EGLIN AIR FORCE BASE, Fla. --
As Hurricane Irma barreled toward the state’s coast, 96th Test Wing Airmen made preparations to house more than 300 Federal Emergency Management Agency personnel.
Hurricane relief agencies identified Eglin as an intermediate staging base due to its location, logistic capabilities and ability to handle large numbers of personnel. On Sept. 8, a FEMA task force made up of urban search and rescue teams from California, Nebraska and New Jersey began to arrive here.
“This strategic prepositioning of FEMA assets enabled critical life-saving search and rescue capabilities to be closer to the areas expected to be impacted by Hurricane Irma to reduce response time for those in need if called upon,” said Col. Jade Nordstrom, 1st Air Force emergency preparedness liason officer. “This interagency interdependence is a hallmark of federal, state and local efforts to make recoveries from natural disasters much more successful."
As the emergency operations center here prepared to handle local impacts from Irma, the base commander gave the order to support FEMA. The base began to receive more than 360 FEMA members, 13 rescue canines, as well as customs and border patrol agents along with their equipment.
“The opportunity to provide support to FEMA enabled our personnel to put many of their deployment readiness skills to use right here at home,” said Col. David Willcox, 96th Mission Support Group commander. “In a very short time we shifted from preparing to evacuate and close the base to receiving and caring for several hundred FEMA professionals.”
The vetting of these personnel for base access and the sweep of 80 tractor trailers, buses and passenger vehicles kept the 96th Security Forces Squadron busy through the night. The logistics readiness and force support squadrons set up 24-hour operations to bed down and feed personnel as they arrived, according to Maj. Jennifer Mack, 96th Force Support Squadron commander.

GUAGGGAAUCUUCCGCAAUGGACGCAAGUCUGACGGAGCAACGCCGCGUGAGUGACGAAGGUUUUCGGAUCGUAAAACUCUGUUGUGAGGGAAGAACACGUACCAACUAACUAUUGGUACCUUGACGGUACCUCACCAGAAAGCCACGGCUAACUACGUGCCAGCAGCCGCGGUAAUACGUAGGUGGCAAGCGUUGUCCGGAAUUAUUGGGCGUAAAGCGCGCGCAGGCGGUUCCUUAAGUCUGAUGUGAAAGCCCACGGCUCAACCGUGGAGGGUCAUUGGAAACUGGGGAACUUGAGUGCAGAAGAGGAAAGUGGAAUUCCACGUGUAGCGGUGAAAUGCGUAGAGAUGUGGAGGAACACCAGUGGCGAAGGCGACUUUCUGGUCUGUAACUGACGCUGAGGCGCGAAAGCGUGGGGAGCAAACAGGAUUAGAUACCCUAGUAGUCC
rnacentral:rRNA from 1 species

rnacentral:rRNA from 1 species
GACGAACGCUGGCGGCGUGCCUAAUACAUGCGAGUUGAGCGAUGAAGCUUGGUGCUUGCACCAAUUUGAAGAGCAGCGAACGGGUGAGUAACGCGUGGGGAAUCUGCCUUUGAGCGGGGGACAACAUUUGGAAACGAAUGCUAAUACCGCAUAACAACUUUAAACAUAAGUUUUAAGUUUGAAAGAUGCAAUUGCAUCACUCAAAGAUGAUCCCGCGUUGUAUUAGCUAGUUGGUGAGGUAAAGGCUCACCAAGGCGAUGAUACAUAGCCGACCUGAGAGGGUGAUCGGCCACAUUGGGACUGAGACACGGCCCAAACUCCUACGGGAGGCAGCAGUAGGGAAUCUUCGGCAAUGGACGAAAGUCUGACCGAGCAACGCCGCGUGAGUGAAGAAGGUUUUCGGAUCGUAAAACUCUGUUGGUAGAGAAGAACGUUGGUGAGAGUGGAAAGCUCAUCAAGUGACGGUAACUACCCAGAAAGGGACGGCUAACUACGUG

The 96th MSG’s finance and communication squadrons worked with the 96th Civil Engineer Group to monitor and manage logistics requests to ensure the staging areas met FEMA’s needs to successfully carry out disaster response operations.
The main fitness center became FEMA’s operations hub. No room was spared. The basketball court housed 280 personnel. The rescue dogs and their handlers were accommodated in the racquetball courts and additional rooms were used for command and control operations. An additional task force of 80 personnel was staged at the old Oak Hill Elementary School.
Base personnel were supportive of the task force from the moment they arrived.
“The base commander was here with his wife the first night and heard we needed dog crates. Thirty minutes later, we had military working dog crates for our dogs,” said Alice Holmes, canine coordinator for New Jersey Task Force One. “Not only did we not have to unpack and repack the limited number of crates we had in the event we had to make a quick departure, it gave our dogs a place for down time away from all the activity.”
The task force personnel found the installation exceeded their needs. They had plenty of space and access to base facilities to train, said to Holmes.
While the task force awaited mobilization orders, they took advantage of the downtime and the facilities to brush up on their operation components, that are search, rescue, planning, logistics, hazardous materials and medical.
The co-location of three of the four urban search and rescue teams in the gym allowed them to share valuable training opportunities and promoted camaraderie.
“We have teams from New Jersey, Nebraska and California who have never met before. Now, they trained together, swapped secrets, and shared equipment information,” said Mark Gose, personnel manager and task force leader for NJ-TF1. “It has been a win-win for us.”
Throughout their stay, the support staff went above and beyond, according to Gose.
“Every time we made a request the fitness center team would tell us it was their mission to help us accomplish ours,” he said.
The feeling was mutual as the FEMA teams demobilized and headed back to their home stations Sept. 13.
“The teams that arrived at our gates were exceptional professionals and guests. In a very short time frame became new friends,” said Willcox. “I’m also proud of the 96 TW team. Yet again, we proved that together we can do anything.”